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Getting Your Mixes to Translate February 9, 2009

Posted by ConnorSmith in : Mixing, Project Studio, Troubleshooting , trackback

We’ve all been here –

It’s the end of a long mixing day, and the mix is sounding awesome in the control room.  We burn off a quick mix and take in the car on a CD for the drive home…

YUCK! It sounds terrible!  Why does it sound bad in the car (or in headphones/boombox/etc) but awesome in the control room??

Here are some tips and techniques to help improve your mix translation.

Take Breaks

Yes, the first suggestion has nothing to do with fancy gear, extra speakers, or even mixing experience (but it is definitely one of the most important!).  As you listen through the course of the day, a few things happen.  For starters, your ears begin to tire, which can affect (especially high) frequency response.  The longer you are working, the greater the chance your ears will not be responding as you’d ideally like.

Additionally, without breaks, your ears will get used to the sound of certain elements (even if they are “wrong”).  The longer you listen to that overly-bright snare drum, the more your ears will get used to it.  By taking a break, you give your ears a chance to remember what “normal” is.  Grab some food, ride your bike, go for a walk… just get out of the control room and clear your head/ears.

Listen through multiple speakers/headphones

As you progress in your mixes, switch to another set of speakers or headphones.  Think of someone in a studio switching down to NS10s from the big (SLS, custom, etc.)  mains).  In this case, the NS10s are obviously not nearly as accurate as the mains, but they give the mixing engineer a new perspective.  While the kick drum may sound awesome through the 15″ drivers of large speakers, it is causing the NS10s (with their much smaller drivers, narrower frequency response, and smaller power handling capabilities) to distort.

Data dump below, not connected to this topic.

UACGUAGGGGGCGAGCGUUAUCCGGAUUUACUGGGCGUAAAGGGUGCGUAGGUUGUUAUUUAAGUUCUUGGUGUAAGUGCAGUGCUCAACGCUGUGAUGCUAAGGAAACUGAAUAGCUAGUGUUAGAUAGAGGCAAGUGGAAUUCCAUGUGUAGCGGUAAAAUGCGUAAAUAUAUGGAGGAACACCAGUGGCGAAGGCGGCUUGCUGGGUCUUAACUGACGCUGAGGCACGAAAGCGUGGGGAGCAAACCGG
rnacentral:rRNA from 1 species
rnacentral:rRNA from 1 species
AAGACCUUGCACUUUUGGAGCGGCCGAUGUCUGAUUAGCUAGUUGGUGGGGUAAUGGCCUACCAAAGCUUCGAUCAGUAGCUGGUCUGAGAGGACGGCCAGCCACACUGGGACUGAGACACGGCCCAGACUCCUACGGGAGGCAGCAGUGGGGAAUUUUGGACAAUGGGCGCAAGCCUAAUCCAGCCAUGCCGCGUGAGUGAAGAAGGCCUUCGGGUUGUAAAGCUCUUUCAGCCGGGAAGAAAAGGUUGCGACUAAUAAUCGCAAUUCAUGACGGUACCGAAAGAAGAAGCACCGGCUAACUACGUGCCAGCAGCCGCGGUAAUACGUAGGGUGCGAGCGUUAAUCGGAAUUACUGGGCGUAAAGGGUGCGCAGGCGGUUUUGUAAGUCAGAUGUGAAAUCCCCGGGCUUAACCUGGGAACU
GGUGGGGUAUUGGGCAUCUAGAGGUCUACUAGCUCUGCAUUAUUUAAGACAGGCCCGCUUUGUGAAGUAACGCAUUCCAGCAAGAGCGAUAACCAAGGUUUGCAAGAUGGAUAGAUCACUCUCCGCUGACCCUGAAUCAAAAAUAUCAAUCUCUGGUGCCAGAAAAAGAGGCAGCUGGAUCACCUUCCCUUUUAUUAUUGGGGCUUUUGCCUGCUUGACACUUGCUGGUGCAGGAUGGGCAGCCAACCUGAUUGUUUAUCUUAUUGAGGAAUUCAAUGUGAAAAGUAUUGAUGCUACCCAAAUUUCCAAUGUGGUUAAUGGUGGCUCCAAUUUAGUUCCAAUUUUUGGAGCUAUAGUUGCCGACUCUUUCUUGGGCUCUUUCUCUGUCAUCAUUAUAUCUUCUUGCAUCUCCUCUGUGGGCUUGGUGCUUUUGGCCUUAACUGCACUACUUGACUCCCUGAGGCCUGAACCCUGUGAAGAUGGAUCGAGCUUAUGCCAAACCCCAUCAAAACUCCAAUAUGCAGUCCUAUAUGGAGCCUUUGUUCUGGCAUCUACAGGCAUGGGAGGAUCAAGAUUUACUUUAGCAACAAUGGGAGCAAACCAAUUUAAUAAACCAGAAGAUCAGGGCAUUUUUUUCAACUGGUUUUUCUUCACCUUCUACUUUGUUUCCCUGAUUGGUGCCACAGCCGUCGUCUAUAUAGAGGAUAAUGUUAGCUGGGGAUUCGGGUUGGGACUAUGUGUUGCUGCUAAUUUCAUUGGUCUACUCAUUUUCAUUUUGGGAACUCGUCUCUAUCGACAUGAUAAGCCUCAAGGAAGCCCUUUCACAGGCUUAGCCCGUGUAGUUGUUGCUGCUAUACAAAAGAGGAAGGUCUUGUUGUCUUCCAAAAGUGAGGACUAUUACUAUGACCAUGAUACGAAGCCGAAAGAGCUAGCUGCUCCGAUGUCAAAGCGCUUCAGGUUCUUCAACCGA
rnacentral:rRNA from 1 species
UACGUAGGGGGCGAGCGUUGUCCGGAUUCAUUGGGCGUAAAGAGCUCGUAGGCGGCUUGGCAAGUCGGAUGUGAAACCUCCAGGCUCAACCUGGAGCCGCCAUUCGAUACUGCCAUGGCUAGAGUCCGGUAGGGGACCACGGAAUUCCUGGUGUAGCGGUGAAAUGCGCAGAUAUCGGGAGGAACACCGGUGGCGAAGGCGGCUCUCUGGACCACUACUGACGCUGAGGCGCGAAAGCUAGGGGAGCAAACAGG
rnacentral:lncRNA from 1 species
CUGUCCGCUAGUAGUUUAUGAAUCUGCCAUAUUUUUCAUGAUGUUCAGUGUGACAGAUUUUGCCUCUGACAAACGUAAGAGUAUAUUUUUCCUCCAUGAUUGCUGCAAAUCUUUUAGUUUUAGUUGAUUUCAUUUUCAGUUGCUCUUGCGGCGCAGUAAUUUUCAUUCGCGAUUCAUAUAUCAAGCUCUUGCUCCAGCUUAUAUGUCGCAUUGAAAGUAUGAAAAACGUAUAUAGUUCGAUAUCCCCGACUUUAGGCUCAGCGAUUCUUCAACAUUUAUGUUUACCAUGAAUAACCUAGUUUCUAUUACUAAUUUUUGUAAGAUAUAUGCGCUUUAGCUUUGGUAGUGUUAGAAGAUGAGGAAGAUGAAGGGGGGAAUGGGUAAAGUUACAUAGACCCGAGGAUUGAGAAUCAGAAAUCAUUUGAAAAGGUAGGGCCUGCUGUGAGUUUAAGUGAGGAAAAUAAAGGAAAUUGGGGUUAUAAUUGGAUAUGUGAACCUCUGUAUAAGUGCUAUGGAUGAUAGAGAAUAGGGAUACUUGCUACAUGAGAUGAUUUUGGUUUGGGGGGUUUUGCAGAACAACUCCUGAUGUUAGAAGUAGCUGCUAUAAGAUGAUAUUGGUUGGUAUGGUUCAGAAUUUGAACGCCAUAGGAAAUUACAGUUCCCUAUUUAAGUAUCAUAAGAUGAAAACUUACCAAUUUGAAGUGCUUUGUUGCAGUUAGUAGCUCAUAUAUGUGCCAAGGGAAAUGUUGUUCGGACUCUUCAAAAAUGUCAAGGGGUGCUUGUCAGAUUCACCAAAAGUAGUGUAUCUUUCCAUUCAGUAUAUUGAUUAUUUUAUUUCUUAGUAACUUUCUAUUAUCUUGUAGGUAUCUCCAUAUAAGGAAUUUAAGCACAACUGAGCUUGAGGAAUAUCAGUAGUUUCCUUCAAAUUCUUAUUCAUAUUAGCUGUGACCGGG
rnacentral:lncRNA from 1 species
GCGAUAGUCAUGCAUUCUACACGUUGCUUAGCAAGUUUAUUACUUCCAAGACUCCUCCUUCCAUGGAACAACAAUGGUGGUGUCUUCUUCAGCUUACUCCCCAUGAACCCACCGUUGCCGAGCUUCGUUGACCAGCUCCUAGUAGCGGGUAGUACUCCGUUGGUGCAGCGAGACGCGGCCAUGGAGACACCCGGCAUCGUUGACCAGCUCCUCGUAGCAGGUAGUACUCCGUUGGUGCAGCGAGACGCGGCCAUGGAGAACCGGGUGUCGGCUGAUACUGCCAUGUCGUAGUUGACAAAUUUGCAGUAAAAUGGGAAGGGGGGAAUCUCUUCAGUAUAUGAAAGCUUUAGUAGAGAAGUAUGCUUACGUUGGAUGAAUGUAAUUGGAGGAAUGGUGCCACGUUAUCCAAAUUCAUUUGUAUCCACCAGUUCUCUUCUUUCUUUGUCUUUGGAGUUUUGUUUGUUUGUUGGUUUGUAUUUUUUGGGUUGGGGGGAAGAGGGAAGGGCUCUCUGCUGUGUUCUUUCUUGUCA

Obviously your studio monitors are going to be where you do the majority of your mixing, but switching to another pair, headphones, or running it out to your car can be a great idea.  (Personally, I like running it out to my car, because then I get a break out of it too, giving my ears a chance to reset).

Learn Your Gear!

Spend some time listening to commerical mixes on your system.  (Not passive listening while you are browsing the web/shopping/etc…)  Grab some CDs (not compressed formats!!! no mp3, AAC, etc…) and pop in some of your favorite tunes.  Listen to the relationships between the bass and kick drum, the vocals and guitars, etc.  Hear what these mixes sound like so that you have a reference point when doing your mixes.  If you know what great (commerical) music sounds like with your gear in your room, you can use it as a comparison (even dragging it into your session for direct A/B comparison while mixing).  While all rooms can’t be as accurate as the best pro rooms, by listening to these “pro mixes” in your environment, you can learn a lot about the sound of your space.

There are lots of other tricks that mix engineers swear by.  For me , I like running a mix out to my car.  I also like walking out of my control room, half closing the door, and listening to the balances from a distance.  Feel free to experiment, just find something that puts your listening environment in a new context.  Another great thing to do is to send mixes to friends (even non-musicians/non-engineers) and ask for their opinions.

(As a side note, always feel free to send me an mp3 via email for some feedback)


The Studio Files


1. Joe Chase - March 7, 2009

You are preaching the truth here. I know that my home studio colors the sound far differently than my car, office stereo etc. I always bounce down a mix to carry around in my car for a few days before I do my final mix. This also helps me rediscover any junk that I missed from hearing it too often.

Great Tips!

2. Randy - November 12, 2012

Hello, i have a Pro Tools M-audio and having trouble with file formats. After saving and bouncing file, when i reload file back into m-audio at a later time m-audio won’t recognize file. something like not recognizing old file format. what are the file foemats for M-Audio,Producer USB. please help! thanks

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